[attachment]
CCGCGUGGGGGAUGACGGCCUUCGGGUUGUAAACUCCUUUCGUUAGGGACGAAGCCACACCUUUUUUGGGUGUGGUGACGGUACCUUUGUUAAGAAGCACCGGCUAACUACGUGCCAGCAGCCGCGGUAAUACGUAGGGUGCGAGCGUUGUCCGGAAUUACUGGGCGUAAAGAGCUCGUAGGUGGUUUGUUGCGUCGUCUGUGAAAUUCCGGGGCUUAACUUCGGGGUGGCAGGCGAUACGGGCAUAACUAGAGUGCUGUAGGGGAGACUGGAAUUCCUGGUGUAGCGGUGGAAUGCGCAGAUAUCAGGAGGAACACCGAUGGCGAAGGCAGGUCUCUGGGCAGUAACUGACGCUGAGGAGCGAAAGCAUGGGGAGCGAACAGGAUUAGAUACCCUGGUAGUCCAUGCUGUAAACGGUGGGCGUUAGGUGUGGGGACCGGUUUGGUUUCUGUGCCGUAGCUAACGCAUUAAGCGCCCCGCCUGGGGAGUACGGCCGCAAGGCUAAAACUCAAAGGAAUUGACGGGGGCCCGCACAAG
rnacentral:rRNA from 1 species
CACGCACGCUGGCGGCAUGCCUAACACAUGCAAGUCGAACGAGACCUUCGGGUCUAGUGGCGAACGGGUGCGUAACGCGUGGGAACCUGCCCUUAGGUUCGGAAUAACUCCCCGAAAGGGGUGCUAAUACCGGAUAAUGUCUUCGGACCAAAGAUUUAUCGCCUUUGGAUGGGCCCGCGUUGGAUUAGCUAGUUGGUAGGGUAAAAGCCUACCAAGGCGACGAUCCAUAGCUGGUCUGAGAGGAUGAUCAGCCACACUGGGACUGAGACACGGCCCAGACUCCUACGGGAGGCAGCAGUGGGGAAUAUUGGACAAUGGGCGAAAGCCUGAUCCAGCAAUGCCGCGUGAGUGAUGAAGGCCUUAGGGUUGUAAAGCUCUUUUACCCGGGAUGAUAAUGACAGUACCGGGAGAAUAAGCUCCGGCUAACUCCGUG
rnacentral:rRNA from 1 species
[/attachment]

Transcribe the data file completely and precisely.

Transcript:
CCGCGUGGGGGAUGACGGCCUUCGGGUUGUAAACUCCUUUCGUUAGGGACGAAGCCACACCUUUUUUGGGUGUGGUGACGGUACCUUUGUUAAGAAGCACCGGCUAACUACGUGCCAGCAGCCGCGGUAAUACGUAGGGUGCGAGCGUUGUCCGGAAUUACUGGGCGUAAAGAGCUCGUAGGUGGUUUGUUGCGUCGUCUGUGAAAUUCCGGGGCUUAACUUCGGGGUGGCAGGCGAUACGGGCAUAACUAGAGUGCUGUAGGGGAGACUGGAAUUCCUGGUGUAGCGGUGGAAUGCGCAGAUAUCAGGAGGAACACCGAUGGCGAAGGCAGGUCUCUGGGCAGUAACUGACGCUGAGGAGCGAAAGCAUGGGGAGCGAACAGGAUUAGAUACCCUGGUAGUCCAUGCUGUAAACGGUGGGCGUUAGGUGUGGGGACCGGUUUGGUUUCUGUGCCGUAGCUAACGCAUUAAGCGCCCCGCCUGGGGAGUACGGCCGCAAGGCUAAAACUCAAAGGAAUUGACGGGGGCCCGCACAAG
rnacentral:rRNA from 1 species
CACGCACGCUGGCGGCAUGCCUAACACAUGCAAGUCGAACGAGACCUUCGGGUCUAGUGGCGAACGGGUGCGUAACGCGUGGGAACCUGCCCUUAGGUUCGGAAUAACUCCCCGAAAGGGGUGCUAAUACCGGAUAAUGUCUUCGGACCAAAGAUUUAUCGCCUUUGGAUGGGCCCGCGUUGGAUUAGCUAGUUGGUAGGGUAAAAGCCUACCAAGGCGACGAUCCAUAGCUGGUCUGAGAGGAUGAUCAGCCACACUGGGACUGAGACACGGCCCAGACUCCUACGGGAGGCAGCAGUGGGGAAUAUUGGACAAUGGGCGAAAGCCUGAUCCAGCAAUGCCGCGUGAGUGAUGAAGGCCUUAGGGUUGUAAAGCUCUUUUACCCGGGAUGAUAAUGACAGUACCGGGAGAAUAAGCUCCGGCUAACUCCGUG
rnacentral:rRNA from 1 species